Josh Cohen is heading to Erie to celebrate the launch of the extensive, multi-million dollar renovation of the downtown Richford Arms apartment complex.
Cohen, the development president of the Boston-based apartment complex owner, Flagship communities, will be joined by Erie Mayor Joe Schamber, representatives from Erie Insurance and other local officials on Monday afternoon to officially launch the $27 million project.
The event will take place at 2:30 p.m. Erie Art Museum Holstein Gallery, 20 E. Fifth St., which is near the 100-unit Richford Arms building at 515 State St.
The Beacon Communities upgrade plan in Richford Arms — which provides affordable housing for low- and middle-income downtown residents — is being fueled by a $3.5 million low-interest loan from Erie Insurance, the Fortune 500 company whose downtown campus is adjacent to the apartment complex, and $2.45 million in loans from the city of Erie.
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Cohen added that Erie Insurance’s funding is “unprecedented” for the company’s affordable housing developments nationwide.
“For a Fortune 500 neighbor who’s not in the affordable housing business to see the importance of this and decide to make a major investment, that’s a rewarding and unique thing for us,” Cohen said. “And the city of Erie has also been extremely supportive of this project.
“We view this as an official groundbreaking celebration that allows us to recognize all the hard work that has gotten us to this point,” Cohen said. “We believe that good affordable housing is an integral part of a thriving city. »
Richford Arms tenants range from people in their mid-20s to those in their early 90s. Tenants receive Section 8 housing benefits or other assistance through the federal government. Department of Housing and Urban Development.
Planned improvements include a new entrance for residents; an elevated outdoor terrace with seating, planters and lighting; a new two-storey addition to the north of the building, on the site of the existing Richford Arms car park, which would include a kitchen area, TV room, new laundry room, wellness/fitness centre, support offices and storage, as well as six new apartments.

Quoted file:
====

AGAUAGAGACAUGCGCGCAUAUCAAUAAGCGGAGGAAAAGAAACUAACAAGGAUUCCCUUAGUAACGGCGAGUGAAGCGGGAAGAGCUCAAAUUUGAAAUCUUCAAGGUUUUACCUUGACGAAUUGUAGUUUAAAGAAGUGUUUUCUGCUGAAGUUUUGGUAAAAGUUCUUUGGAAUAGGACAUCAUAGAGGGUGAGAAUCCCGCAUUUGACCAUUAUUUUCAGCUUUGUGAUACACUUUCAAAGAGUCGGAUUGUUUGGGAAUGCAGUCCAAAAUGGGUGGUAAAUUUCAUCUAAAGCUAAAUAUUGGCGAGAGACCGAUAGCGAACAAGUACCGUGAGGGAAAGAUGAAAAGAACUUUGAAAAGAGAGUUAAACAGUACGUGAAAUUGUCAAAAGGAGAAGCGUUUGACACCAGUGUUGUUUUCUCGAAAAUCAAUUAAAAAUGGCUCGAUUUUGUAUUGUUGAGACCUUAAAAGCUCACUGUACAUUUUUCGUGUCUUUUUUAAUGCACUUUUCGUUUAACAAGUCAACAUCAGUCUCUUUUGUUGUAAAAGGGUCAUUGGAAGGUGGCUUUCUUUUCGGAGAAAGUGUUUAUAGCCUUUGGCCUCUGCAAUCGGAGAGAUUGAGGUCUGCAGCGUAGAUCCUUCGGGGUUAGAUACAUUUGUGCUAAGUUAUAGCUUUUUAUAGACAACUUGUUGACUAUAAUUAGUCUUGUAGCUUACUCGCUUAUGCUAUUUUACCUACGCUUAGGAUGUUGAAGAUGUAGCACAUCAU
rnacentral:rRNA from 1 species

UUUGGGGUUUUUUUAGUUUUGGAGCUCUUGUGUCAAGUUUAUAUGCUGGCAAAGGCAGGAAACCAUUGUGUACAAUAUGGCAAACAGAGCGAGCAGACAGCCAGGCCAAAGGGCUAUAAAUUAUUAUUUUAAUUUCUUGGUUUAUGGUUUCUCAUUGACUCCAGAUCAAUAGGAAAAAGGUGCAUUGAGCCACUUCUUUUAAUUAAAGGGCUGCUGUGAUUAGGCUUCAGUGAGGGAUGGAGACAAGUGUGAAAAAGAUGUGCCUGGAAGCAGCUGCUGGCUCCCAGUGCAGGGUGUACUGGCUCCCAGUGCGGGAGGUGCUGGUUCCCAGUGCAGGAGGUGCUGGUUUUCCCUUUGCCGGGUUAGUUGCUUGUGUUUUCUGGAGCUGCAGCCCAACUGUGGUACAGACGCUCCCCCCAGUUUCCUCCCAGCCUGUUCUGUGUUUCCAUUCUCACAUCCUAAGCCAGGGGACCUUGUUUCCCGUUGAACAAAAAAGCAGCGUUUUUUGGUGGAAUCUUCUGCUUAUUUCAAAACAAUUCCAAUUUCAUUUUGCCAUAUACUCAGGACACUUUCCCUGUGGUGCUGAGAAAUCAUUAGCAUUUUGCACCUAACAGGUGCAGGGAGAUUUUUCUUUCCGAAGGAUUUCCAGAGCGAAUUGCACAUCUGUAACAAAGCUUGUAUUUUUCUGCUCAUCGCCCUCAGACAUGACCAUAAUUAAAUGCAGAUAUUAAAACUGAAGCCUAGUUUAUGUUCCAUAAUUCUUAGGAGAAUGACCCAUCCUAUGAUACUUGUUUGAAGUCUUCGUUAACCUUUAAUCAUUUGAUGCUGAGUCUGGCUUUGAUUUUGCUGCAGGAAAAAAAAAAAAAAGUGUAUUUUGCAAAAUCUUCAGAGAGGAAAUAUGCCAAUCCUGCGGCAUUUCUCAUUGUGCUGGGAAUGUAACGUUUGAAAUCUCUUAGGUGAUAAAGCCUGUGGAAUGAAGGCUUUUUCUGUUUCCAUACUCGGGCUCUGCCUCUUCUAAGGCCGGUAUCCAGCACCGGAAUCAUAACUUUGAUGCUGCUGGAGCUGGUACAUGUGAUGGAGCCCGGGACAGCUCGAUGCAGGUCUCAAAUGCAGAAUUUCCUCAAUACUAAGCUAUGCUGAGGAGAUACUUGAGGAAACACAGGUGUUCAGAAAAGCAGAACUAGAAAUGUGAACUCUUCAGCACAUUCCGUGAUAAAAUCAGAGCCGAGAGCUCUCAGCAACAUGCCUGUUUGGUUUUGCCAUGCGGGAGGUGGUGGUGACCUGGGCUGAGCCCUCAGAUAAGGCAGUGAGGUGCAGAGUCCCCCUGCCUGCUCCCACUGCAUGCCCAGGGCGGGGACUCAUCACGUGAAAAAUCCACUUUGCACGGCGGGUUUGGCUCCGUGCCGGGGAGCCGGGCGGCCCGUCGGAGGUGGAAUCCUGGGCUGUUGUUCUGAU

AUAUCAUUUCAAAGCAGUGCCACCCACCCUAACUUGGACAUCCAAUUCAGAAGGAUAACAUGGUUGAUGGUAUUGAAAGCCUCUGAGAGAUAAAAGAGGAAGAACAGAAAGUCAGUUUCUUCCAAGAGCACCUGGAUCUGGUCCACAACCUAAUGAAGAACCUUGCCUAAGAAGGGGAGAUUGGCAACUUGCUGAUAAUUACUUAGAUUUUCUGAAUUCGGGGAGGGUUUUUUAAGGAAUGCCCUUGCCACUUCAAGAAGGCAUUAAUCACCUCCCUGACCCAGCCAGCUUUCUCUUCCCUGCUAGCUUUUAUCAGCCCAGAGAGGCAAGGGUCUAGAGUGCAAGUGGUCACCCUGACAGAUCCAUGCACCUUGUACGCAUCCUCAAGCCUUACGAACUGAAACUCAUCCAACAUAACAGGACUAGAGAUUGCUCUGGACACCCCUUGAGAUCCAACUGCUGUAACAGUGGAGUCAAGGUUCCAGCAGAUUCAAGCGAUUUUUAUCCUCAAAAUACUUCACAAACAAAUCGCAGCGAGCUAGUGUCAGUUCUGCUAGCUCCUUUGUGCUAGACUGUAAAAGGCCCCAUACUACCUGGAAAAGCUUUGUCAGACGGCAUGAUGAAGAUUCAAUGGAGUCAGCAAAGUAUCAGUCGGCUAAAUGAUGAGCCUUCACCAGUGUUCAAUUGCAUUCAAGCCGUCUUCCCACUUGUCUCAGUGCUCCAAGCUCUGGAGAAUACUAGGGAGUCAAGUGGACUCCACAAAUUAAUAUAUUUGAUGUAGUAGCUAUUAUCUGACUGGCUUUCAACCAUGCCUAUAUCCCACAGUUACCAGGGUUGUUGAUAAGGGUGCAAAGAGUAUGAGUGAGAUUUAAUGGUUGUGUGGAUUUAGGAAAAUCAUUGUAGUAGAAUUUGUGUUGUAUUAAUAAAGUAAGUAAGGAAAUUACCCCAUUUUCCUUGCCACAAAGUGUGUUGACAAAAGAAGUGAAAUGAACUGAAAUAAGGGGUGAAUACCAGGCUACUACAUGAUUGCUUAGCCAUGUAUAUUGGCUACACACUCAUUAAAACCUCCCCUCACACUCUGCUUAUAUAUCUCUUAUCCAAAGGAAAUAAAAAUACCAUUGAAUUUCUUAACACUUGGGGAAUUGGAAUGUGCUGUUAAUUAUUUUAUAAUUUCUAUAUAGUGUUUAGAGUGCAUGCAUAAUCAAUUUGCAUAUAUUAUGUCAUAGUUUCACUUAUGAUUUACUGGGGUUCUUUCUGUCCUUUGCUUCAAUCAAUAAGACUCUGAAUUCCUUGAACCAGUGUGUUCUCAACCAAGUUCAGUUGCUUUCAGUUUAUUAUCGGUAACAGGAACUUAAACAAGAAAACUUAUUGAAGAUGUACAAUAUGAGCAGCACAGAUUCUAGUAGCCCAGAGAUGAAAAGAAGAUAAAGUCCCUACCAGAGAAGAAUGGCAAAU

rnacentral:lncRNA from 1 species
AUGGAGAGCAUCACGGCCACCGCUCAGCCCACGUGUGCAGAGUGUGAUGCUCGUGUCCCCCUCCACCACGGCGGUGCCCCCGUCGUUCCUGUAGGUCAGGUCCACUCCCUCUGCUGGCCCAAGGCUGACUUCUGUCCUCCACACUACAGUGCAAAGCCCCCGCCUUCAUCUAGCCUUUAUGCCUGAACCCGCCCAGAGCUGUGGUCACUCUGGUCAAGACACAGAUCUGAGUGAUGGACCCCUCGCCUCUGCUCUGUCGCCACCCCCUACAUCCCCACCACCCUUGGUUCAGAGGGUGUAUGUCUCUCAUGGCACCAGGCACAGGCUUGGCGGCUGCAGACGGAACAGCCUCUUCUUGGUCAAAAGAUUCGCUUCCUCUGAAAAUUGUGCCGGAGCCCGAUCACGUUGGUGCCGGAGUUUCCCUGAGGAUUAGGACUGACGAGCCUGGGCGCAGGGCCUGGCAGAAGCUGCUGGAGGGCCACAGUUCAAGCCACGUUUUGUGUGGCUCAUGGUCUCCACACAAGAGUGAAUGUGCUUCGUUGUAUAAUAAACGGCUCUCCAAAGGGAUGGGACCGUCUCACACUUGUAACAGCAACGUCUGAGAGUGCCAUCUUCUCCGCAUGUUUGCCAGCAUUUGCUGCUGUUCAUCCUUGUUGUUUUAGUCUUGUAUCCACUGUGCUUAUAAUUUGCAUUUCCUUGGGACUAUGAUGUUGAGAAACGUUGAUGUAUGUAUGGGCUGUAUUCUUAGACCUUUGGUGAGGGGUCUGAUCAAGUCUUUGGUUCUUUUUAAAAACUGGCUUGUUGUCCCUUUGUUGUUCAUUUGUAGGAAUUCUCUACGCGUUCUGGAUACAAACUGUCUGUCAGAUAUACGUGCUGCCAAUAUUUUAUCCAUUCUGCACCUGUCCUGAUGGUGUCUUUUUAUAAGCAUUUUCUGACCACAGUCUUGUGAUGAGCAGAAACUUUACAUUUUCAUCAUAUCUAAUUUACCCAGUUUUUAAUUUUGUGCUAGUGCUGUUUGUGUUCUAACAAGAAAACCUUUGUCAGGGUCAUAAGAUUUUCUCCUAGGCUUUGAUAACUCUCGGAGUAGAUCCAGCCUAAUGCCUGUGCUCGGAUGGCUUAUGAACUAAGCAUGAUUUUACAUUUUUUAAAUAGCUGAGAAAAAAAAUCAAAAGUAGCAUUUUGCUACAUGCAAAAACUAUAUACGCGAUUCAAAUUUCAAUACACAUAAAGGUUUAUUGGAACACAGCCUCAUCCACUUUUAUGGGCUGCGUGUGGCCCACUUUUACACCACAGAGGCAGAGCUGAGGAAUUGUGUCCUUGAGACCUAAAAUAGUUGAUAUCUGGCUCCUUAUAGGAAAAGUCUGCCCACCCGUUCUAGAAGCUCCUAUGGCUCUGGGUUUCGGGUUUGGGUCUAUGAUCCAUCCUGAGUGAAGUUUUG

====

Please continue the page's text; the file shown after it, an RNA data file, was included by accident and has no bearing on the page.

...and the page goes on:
Also included are improvements to the retail storefronts on the ground floor of the building, new common areas for wellness programs, and renovations to various apartments and hallways.
Preliminary work has begun on the apartment complex, according to Beacon Communities officials. Cohen said Beacon hopes the work will be completed by December.
Richford Arms resident Ethel Wheat, 72, is excited.
“I can’t wait. Everything is going to be new and that’s the best thing,” Wheat said. “They are already working on a lot of things.”
Distribution of funding
Erie Insurance invested in the Richford Arms project “as part of the company’s long-standing commitment to downtown Erie,” company spokesman Matthew Cummings said.
“Beyond the financial lift that our low-interest loan brings to the project, our partnership with Beacon has allowed us to learn more about the company and its approach to improving the quality of life of its residents. “said Cummings.
“Beacon’s commitment to this project and the residents of Richford Arms aligns with our vision of a diverse and equitable community and our downtown revitalization efforts.